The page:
of the 1950s and continuing through the 1960s and into subsequent decades,
a substantial number of state houses all across Waterview passed out of state
control into the hands of private owners. 57 At the same time policies were also
being introduced to make state house rentals a much less attractive
proposition than owning your own home.

In terms of the types of new houses that were actually built in the Waterview
area during the 1950s, emphasis was to be placed on smaller, low-cost
homes built with new materials - there was to be experimentation with radiata
pine, with asbestos cement and various plastics. 58 The typical 1950s
suburban house was a detached, single storey rectangular bungalow, of
approximately 1000 square feet of which 70% had at least three bedrooms
and set on a ¼ acre section. 59

National and subsequent governments throughout the 1950s and 1960s

would slowly move away from state housing projects, although the last parts
of already existing projects within the area, such as the final phase of the of
the Oakley Park subdivision would be scaled back and completed. It was in
this context that the last "new" street added in Waterview in the 20th Century
was to be Cowley Street in the early 1950s. 60 This is the last street on the
western side of the Great North Road before the Waterview interchange and
the start of the North Western Motorway. The 1940s aerial map 61 shows an
un-named road in this vicinity leading down to the mouth of the Oakley Creek.
It seems likely that this small street was developed in the early 1950s

(replacing the last of the old worker's cottages established in the nearby
vicinity by Mr Garrett in the late 19th century) 62 to become Cowley Street. The
last house on the right side of this street which still exists there today (No.15)
was one of the original dwellings built there - namely a 1951 wooden
bungalow. On this site and backing onto the Waterview Reserve, at the mouth
of the Oakley Creek are to be found the remnants of the old 19th century mill
and tannery. 64

Suburb of Waterview- Infrastructure and Streets

The impact of state housing within the Waterview area from the 1930s to the
1950s occurred in the context of several other interlinked factors. The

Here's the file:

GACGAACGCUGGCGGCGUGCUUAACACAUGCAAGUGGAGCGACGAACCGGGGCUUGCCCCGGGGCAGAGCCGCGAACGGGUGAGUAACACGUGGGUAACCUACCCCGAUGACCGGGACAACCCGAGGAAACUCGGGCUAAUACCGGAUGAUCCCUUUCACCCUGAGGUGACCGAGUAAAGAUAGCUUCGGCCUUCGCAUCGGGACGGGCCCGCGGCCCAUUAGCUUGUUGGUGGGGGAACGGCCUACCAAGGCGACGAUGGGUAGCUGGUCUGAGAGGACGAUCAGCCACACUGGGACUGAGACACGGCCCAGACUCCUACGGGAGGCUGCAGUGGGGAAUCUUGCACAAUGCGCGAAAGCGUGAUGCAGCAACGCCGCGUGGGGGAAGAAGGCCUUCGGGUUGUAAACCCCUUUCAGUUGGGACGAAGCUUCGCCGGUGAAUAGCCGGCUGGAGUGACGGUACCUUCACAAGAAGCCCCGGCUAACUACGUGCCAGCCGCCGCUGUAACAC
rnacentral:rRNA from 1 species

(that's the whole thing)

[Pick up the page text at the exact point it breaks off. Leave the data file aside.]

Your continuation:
continuing improvement of roads and transportation services, the provision
and extension of basic amenities and infrastructure items, the development of
community services, the growth of small businesses and of local retail
shopping centres, the provision of recreational facilities and reserves, all
contributed to the development of a healthy community and the suburban
entity we now today as "Waterview."

The creation of new state housing blocks and subdivisions within Waterview
from 1930 to the late 1950s allowed for a significant number of new streets
being added within the area, including Daventry, Arlington, Hemington,
Howlett, Herdman and Tutuki Streets, as well as Waterbank Crescent and
Cowley Street and aided in the development of housing and services within
existing streets - in particular within Cadman and Hadfield Streets and
Fairlands, Seaside and Oakley Avenues. It also led to an increase in the
supply of basic infrastructure items and amenities (including the provision of
electricity supplies 65 and telephone connections, of street lighting, of drainage
and sewerage facilities, the provision of adequate water supplies for drinking
and household use and of adequate waste water facilities, regular street
rubbish collections etc.) needed to support and service them.

Numerous examples of this close connection between the provision of basic

infrastructure and that of state housing construction can be seen in Waterview
where private developers and contractors vied for the government tenders of
the various blocks (to be developed) awarded by the Department of Housing
Construction. Between 1943-1947 Andrew Murray won the contract for the
development of the Oakley Park Estate valued at £49, 101-6s.-1d. 66 As well
as constructing all of the state houses, Mr. Murray was responsible for the